Saturday, December 12, 2009
A lighthouse of a different color
How do I select a lighthouse to adapt to needlepoint? Sometimes it's the historical significance of the structure that intrigues me. Often I'm asked to work up a design because that lighthouse has personal significance to a customer. But when a friend sent me a photo of this one--Port Dalhousie Front Range lighthouse in St. Catherines, Ontario--the color scheme really grabbed me. I'd never seen a teal green and white lighthouse before!
The Front Range lighthouse and its sister Rear Range lighthouse, now decommissioned, are located at a marina in Port Dalhousie, which marked the northern tip of the Welland Canal from 1829 to 1932. The Welland Canal aided navigation by connecting Lake Ontario and Lake Erie and allowing ships to bypass Niagara Falls. The Front Range lighthouse was commissioned in 1879 and, by the turn of the century, had become a popular destination for tourists from Toronto.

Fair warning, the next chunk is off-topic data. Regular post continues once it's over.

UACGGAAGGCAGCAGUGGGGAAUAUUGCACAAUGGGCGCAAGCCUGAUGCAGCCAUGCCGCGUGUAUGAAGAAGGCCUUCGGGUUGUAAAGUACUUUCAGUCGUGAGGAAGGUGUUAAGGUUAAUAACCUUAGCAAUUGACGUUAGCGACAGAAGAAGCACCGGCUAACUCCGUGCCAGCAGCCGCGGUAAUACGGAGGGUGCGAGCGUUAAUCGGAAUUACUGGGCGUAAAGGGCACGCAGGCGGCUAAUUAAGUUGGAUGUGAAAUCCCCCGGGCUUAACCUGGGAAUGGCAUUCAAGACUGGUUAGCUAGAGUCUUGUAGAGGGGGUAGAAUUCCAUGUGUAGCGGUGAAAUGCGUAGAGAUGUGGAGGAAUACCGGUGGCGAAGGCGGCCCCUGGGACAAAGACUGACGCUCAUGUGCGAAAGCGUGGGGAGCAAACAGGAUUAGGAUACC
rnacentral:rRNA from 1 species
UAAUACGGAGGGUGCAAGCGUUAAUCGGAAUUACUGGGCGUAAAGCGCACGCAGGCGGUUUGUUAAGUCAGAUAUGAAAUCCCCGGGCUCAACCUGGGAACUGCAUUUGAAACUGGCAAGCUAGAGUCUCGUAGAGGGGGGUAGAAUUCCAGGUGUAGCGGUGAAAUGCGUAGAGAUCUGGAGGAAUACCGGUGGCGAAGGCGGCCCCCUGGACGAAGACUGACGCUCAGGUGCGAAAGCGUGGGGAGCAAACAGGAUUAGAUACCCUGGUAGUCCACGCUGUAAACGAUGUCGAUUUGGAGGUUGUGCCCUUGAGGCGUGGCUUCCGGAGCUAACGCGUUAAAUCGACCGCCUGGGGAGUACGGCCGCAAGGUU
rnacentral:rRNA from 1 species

When the Welland Canal's northern terminus was moved to Port Weller in 1932, tourism at Port Dalhousie waned. Both lights were automated in 1968; the Rear Range light was deactivated in 1988 and put in use in 1999 by the Niagara College Sailing School. Under the supervision of the Canadian Coast Guard, the characteristic white light of the Front Range lighthouse--my next project-- still flashes today.